Design and analysis of completely randomized design

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Reference no: EM13869958

Design and Analysis of Completely Randomized Design

I.  Objectives:

At the end of the exercise, the student should be able to:

a. Identify the treatment, experimental units and response variable of an experiment laid in CRD;

b. State the linear model and define each component in terms of the given problem;

c. Analyze and interpret data from an experiment laid out in CRD; and

d. Implement appropriate analysis for CRD using SAS.

II. Methods:

PART A:

The leaves of certain plants in the genus Albizzia will fold and unfold in response to various light conditions. We have taken 15 different leaves and subjected them to red light such that all 15 leaves began to receive red light exactly at the same time and the red light was removed after 3 minutes. The amount of red light was held constant and equal across all leaves. After 3 minutes, the leaves were divided into three groups of five at random. The leaflet angles were then measured 30, 45 and 60 minutes after light exposure. Other than time elapsed from light exposure to leaflet angle measurement, the leaves were treated identically. The objective of the experiment is to test the hypothesis that time elapsed from exposure to measurement does not affect leaflet angle. Mean results from preliminary computations were 139.6 for 30, 113.6 for 45 and 122.4 for 60. Moreover, sum of squares for experimental error was 9417.6.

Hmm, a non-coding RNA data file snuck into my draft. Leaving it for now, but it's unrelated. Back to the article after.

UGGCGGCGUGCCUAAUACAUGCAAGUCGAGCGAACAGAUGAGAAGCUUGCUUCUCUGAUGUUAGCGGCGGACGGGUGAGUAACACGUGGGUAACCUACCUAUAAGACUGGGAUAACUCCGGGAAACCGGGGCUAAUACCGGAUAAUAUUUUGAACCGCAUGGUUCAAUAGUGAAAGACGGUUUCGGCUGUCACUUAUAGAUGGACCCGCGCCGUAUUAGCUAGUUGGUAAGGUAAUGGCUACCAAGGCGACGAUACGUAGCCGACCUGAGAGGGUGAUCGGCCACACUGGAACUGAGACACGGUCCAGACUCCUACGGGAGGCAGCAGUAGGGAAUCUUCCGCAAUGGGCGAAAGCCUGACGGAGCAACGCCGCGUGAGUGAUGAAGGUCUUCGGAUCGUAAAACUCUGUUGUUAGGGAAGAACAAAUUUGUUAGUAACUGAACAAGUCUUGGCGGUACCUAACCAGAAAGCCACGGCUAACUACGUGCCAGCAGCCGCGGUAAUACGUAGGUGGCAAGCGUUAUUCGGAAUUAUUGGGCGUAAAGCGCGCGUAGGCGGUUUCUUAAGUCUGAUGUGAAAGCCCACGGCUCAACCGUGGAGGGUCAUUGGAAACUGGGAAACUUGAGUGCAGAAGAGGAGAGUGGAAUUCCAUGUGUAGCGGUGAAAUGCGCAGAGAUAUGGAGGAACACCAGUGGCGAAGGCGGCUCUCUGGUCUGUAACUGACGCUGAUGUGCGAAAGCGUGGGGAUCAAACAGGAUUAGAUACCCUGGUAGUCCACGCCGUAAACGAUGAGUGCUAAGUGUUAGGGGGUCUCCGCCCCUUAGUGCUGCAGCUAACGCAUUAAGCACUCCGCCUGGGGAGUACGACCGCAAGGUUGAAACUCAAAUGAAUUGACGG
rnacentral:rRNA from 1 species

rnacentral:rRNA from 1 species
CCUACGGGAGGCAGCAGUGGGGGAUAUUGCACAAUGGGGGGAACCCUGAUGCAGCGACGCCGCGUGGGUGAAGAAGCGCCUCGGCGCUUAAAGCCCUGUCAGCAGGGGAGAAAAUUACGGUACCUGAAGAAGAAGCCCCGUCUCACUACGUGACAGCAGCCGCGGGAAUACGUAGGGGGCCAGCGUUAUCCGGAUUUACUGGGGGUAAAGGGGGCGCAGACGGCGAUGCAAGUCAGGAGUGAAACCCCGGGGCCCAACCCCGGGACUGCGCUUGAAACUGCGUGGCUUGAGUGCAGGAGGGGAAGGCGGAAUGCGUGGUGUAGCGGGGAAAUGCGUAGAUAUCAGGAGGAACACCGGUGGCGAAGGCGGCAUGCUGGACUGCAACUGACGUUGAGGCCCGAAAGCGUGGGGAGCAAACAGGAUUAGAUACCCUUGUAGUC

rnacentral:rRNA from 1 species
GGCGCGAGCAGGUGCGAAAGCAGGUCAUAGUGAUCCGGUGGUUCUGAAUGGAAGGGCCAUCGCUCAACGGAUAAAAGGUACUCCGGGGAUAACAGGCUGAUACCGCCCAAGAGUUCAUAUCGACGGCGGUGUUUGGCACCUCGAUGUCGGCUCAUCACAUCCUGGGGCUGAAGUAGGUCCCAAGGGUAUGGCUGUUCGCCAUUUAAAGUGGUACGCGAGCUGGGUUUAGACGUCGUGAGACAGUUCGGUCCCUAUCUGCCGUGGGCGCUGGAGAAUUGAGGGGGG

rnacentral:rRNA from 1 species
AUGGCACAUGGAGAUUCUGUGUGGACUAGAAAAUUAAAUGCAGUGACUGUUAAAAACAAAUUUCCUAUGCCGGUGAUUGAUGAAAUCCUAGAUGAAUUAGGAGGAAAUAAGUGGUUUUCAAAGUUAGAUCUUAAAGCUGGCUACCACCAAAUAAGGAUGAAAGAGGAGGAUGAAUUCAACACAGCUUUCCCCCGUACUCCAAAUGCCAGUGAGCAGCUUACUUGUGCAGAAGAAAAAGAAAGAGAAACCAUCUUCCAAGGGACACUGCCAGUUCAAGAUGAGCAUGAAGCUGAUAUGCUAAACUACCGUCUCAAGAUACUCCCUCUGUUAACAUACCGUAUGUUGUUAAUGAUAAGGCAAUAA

1. Specify the treatment, experimental unit and response variable for this experiment. 

2. What are the sources of variation in this experiment laid out in CRD? 

3. Perform a possible randomization to allocate 5 leaves each to the treatment levels; 

SV

df

SS

MS

Fc

F-tab

Decision

 

 

 

 

 

 

 

 

 

 

 

     

Total

 

 

       

4. Given results from preliminary computations, construct the ANOVA table using the format below. 

PART B:

Scientists are interested in whether energy costs involved in reproduction affect longevity. In this experiment, 125 male fruit flies were grouped at random into five sets of 25. In one group, the males were kept by themselves. In two groups, the males were supplied with one or eight receptive virgin female fruit flies per day. In the other two groups, the males were supplied with one or eight unreceptive (pregnant) female fruit flies per day. The longevity of the flies (in days) was observed. Analyze the data shown below to test the null hypothesis that reproductive activity does not affect longevity.

Companion

Longevity (days)

none

35

37

49

46

63

39

46

56

63

65

56

65

70

 

63

65

70

77

81

86

70

70

77

77

81

77

 
                           

1 pregnant

40

37

44

47

47

47

68

47

54

61

71

75

89

 

58

59

62

79

96

58

62

70

72

75

96

75

 
                           

1 virgin

46

42

65

46

58

42

48

58

50

80

63

65

70

 

70

72

97

46

56

70

70

72

76

90

76

92

 
                           

8 pregnant

21

40

44

54

36

40

56

60

48

53

60

60

65

 

68

60

81

81

48

48

56

68

75

81

48

68

 
                           

8 virgin

16

19

19

32

33

33

30

42

42

33

26

30

40

 

54

34

34

47

47

42

47

54

54

56

60

44

 

Conduct a complete test of hypothesis (Ho and Ha, test procedure, test statistics, decision rule, ANOVA table from SAS output, decision and conclusion)

Reference no: EM13869958

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